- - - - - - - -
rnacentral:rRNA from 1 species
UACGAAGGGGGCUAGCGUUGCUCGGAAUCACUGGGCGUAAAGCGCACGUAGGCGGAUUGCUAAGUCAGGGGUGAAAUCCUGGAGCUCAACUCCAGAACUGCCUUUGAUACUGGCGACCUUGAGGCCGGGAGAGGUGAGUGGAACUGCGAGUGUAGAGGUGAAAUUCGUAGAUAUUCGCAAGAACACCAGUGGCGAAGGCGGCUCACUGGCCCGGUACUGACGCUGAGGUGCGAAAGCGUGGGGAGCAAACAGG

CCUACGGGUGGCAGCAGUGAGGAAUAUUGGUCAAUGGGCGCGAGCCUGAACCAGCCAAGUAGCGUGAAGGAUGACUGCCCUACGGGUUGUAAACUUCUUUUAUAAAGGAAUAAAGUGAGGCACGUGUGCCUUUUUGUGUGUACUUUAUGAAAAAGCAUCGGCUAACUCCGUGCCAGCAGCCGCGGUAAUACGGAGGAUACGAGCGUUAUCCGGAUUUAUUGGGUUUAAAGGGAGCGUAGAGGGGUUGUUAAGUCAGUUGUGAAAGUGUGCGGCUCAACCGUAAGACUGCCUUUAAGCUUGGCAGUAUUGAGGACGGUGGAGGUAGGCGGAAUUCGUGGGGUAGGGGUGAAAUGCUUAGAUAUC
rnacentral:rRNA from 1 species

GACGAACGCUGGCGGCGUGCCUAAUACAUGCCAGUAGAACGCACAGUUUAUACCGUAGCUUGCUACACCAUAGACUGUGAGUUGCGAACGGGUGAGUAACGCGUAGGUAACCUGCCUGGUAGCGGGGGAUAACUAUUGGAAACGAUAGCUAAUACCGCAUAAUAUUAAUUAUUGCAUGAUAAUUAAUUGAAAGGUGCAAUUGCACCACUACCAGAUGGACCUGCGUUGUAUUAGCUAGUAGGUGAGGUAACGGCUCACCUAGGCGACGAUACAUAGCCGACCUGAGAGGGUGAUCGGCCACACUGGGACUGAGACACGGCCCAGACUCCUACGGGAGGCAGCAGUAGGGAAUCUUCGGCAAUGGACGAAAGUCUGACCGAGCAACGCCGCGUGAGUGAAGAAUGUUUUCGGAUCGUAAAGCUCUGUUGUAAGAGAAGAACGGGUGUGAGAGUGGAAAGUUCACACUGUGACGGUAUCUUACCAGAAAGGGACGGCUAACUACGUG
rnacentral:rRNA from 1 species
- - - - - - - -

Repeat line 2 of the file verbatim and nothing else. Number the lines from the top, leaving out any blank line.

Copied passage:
UACGAAGGGGGCUAGCGUUGCUCGGAAUCACUGGGCGUAAAGCGCACGUAGGCGGAUUGCUAAGUCAGGGGUGAAAUCCUGGAGCUCAACUCCAGAACUGCCUUUGAUACUGGCGACCUUGAGGCCGGGAGAGGUGAGUGGAACUGCGAGUGUAGAGGUGAAAUUCGUAGAUAUUCGCAAGAACACCAGUGGCGAAGGCGGCUCACUGGCCCGGUACUGACGCUGAGGUGCGAAAGCGUGGGGAGCAAACAGG